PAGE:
So, bottom line, find something you like to do and do it. Make it challenging…get your heart rate pumping a bit harder, your breathing a bit labored, and fatigue your muscles when you lift weights. As Sally says, “no challenge, no change.”

Exercise brings intrinsic joy, but it helps to have a mentor to encourage you or a buddy who will meet you at 5:15 am every morning for a run before work. So, make it fun and make it your own and be consistent!

Be Well

We all know that eating well and moving well are only part of the equation for optimal aging. To be well we need resilience; probably the most important trait to healthy aging. Because as we age, stuff is going to happen; we lose loved ones, we get injured, we experience chronic health problems, we get joints replaced…but, through it all we need to see the positive and bounce back from set backs. Everyone we  talked to had experienced some challenges but they all recognized the issue and moved on.

Social support is also important for being well; whether family or friends, community or religious institution, everyone valued social support for optimal aging. Book clubs, health clubs, Friday morning breakfast with the guys or gals, or developing a social club for Single Outstanding Ladies Offering Support (SOLOS), anything that keeps us connected helps us to be well.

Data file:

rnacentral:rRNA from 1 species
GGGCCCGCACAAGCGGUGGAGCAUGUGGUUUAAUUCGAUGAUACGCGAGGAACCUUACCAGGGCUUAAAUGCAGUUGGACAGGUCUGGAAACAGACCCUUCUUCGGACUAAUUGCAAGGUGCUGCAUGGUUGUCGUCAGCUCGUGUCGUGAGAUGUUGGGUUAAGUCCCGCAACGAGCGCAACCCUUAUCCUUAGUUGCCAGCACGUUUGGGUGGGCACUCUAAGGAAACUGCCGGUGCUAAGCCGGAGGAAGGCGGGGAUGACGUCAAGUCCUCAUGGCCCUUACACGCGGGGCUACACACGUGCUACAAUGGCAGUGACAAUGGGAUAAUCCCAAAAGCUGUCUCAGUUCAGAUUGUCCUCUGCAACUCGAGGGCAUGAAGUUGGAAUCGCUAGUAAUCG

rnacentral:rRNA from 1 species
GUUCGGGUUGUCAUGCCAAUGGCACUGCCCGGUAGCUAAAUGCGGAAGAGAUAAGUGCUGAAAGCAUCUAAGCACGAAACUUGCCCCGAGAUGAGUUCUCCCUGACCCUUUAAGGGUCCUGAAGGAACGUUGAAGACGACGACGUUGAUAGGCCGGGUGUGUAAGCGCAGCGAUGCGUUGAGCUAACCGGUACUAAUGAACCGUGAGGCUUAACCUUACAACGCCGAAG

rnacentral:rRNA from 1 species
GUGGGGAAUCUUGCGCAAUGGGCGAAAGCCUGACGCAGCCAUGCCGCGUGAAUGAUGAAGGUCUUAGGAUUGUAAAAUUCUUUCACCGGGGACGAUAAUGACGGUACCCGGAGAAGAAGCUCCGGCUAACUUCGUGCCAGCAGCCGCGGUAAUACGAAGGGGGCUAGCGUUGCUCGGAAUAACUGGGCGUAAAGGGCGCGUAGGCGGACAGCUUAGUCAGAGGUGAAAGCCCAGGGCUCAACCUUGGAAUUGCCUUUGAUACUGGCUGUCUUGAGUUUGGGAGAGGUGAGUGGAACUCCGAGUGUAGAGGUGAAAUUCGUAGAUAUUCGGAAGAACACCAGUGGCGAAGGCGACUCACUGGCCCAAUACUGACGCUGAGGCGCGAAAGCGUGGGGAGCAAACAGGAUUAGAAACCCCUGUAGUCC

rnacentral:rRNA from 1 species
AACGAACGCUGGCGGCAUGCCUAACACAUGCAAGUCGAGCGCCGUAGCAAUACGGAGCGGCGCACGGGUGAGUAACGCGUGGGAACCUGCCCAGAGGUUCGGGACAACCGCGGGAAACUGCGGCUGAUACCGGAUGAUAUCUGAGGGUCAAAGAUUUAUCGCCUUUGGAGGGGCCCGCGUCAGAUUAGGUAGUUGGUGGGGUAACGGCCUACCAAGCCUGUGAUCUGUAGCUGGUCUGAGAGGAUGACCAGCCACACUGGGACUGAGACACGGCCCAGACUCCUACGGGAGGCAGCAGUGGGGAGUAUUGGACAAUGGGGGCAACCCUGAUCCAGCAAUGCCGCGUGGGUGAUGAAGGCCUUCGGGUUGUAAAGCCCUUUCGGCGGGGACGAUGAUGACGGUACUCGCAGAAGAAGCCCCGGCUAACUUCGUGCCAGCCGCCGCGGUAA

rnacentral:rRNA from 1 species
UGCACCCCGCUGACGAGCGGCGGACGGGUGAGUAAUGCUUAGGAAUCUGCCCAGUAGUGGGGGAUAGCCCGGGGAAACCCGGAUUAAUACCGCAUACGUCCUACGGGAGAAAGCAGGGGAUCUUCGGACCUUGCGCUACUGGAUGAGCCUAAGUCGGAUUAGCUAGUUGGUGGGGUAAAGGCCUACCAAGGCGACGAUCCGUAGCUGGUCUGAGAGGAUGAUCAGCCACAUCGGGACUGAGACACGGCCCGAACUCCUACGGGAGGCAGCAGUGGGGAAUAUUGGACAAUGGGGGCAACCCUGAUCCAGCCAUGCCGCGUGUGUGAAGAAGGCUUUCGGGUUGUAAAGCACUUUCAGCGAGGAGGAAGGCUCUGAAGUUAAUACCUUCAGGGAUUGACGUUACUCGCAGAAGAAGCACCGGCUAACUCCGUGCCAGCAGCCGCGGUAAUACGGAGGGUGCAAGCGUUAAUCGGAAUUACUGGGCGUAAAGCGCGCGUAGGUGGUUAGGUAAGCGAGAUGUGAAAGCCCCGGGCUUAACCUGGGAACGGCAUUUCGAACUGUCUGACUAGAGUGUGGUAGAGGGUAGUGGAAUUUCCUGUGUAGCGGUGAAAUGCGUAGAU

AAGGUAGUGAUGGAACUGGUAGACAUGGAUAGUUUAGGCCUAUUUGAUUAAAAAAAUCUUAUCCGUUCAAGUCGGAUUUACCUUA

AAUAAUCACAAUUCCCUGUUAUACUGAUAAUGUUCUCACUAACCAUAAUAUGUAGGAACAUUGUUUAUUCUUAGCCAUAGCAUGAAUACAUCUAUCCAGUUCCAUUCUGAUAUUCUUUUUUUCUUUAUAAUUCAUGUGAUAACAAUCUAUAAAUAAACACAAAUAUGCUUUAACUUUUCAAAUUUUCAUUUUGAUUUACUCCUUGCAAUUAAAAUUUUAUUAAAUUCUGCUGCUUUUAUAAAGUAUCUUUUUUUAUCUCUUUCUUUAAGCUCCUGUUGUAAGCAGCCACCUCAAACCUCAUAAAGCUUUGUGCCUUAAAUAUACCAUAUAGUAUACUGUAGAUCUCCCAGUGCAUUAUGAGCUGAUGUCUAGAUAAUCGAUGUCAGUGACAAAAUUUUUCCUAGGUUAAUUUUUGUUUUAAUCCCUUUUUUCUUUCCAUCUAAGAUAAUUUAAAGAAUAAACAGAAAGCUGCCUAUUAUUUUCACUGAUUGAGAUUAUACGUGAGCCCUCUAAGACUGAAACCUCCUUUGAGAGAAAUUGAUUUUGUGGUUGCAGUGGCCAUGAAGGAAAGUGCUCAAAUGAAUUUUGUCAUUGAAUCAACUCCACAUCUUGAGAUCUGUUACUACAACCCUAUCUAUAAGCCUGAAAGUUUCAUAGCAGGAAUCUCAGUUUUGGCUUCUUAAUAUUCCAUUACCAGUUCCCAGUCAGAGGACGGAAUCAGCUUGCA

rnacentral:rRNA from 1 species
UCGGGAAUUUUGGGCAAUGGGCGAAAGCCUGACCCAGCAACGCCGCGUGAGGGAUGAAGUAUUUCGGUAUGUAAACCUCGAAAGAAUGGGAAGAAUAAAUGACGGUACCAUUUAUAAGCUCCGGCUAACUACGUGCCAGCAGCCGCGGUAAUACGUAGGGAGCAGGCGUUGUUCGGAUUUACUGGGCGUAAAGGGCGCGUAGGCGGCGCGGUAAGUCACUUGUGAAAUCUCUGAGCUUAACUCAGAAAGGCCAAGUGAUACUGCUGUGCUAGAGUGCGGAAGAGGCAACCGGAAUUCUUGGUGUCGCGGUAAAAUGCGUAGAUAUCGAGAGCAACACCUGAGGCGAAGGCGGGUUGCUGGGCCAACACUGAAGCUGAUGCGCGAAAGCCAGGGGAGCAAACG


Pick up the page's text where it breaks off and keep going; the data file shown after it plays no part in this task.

Lastly, a thirst for lifelong leaning, as typified by Elizabeth, who at 90 seeks out opportunities to learn something new every day.

SCAN symposium
Chris & Bob

We hope you take every day this month (and every month!) to be healthy. For more practical intel on eating well, moving well, and being well, check out Food & Fitness After 50 on Amazon.








Food & Fitness After 50: Being Vibrant at 60….or any age

Retro KimI was intrigued when I saw Kim’s Facebook post, “31 Reasons Why I’m Vibrant at 60,” and knew I had to reach out to her for an interview. I’ve known Kim a long time, but haven’t talked to her for quite a while, so it was a good excuse to reconnect. Kim had the same joy, excitement, and, yes, vibrancy, that I remember she had we when we met over 20 years ago.

Make a commitment to healthy